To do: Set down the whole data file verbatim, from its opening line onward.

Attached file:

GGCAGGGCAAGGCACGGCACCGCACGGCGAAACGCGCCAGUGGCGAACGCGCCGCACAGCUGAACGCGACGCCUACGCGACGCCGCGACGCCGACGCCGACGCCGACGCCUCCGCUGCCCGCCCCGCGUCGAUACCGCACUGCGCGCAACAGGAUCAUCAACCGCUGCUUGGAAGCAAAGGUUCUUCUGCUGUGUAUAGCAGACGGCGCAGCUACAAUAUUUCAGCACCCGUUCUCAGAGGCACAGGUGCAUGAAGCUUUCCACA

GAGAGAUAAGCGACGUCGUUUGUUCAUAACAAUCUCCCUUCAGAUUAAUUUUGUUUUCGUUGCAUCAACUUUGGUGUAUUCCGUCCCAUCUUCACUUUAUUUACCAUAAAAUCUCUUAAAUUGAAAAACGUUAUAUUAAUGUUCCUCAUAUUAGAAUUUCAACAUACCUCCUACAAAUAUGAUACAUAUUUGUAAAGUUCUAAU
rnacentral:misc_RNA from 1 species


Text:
GGCAGGGCAAGGCACGGCACCGCACGGCGAAACGCGCCAGUGGCGAACGCGCCGCACAGCUGAACGCGACGCCUACGCGACGCCGCGACGCCGACGCCGACGCCGACGCCUCCGCUGCCCGCCCCGCGUCGAUACCGCACUGCGCGCAACAGGAUCAUCAACCGCUGCUUGGAAGCAAAGGUUCUUCUGCUGUGUAUAGCAGACGGCGCAGCUACAAUAUUUCAGCACCCGUUCUCAGAGGCACAGGUGCAUGAAGCUUUCCACA

GAGAGAUAAGCGACGUCGUUUGUUCAUAACAAUCUCCCUUCAGAUUAAUUUUGUUUUCGUUGCAUCAACUUUGGUGUAUUCCGUCCCAUCUUCACUUUAUUUACCAUAAAAUCUCUUAAAUUGAAAAACGUUAUAUUAAUGUUCCUCAUAUUAGAAUUUCAACAUACCUCCUACAAAUAUGAUACAUAUUUGUAAAGUUCUAAU
rnacentral:misc_RNA from 1 species